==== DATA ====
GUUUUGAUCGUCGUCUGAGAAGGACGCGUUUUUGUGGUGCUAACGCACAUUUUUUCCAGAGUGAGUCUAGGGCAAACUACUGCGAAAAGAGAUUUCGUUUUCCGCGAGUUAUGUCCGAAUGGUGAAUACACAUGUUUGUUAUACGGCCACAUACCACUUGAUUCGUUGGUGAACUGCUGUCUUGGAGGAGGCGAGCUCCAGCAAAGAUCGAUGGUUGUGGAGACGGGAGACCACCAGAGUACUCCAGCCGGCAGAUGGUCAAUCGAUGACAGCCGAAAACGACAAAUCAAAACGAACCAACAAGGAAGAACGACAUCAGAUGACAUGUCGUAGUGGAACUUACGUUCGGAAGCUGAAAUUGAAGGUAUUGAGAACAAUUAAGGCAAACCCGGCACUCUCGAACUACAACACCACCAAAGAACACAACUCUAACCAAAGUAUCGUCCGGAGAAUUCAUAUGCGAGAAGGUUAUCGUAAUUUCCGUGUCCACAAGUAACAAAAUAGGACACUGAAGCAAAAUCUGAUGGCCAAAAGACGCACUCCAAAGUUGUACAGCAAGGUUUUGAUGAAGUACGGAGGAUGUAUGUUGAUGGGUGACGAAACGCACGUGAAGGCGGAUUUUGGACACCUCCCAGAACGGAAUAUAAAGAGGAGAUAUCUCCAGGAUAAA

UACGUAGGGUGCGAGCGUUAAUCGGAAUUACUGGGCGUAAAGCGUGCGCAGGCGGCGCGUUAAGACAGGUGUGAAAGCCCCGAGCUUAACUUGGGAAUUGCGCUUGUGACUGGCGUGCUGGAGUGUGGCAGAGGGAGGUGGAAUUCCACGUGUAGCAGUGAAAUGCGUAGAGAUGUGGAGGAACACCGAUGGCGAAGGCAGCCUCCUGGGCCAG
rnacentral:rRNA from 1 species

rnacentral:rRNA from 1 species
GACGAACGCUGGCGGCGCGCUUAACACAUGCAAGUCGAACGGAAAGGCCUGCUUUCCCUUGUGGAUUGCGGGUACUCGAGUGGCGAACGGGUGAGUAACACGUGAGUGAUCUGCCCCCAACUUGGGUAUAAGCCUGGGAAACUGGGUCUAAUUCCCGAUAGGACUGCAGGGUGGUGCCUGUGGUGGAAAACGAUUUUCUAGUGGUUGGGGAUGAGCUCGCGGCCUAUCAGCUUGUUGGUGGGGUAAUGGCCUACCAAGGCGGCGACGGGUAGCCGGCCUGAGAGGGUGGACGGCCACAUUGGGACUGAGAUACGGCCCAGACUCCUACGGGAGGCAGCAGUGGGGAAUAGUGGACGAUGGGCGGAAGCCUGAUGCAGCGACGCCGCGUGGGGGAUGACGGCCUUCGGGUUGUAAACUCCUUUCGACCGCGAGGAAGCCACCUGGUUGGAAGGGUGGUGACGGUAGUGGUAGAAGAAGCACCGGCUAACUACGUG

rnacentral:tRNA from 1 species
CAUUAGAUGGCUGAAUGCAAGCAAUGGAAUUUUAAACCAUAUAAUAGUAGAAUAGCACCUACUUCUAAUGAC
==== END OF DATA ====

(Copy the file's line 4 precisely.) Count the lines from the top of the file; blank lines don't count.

rnacentral:rRNA from 1 species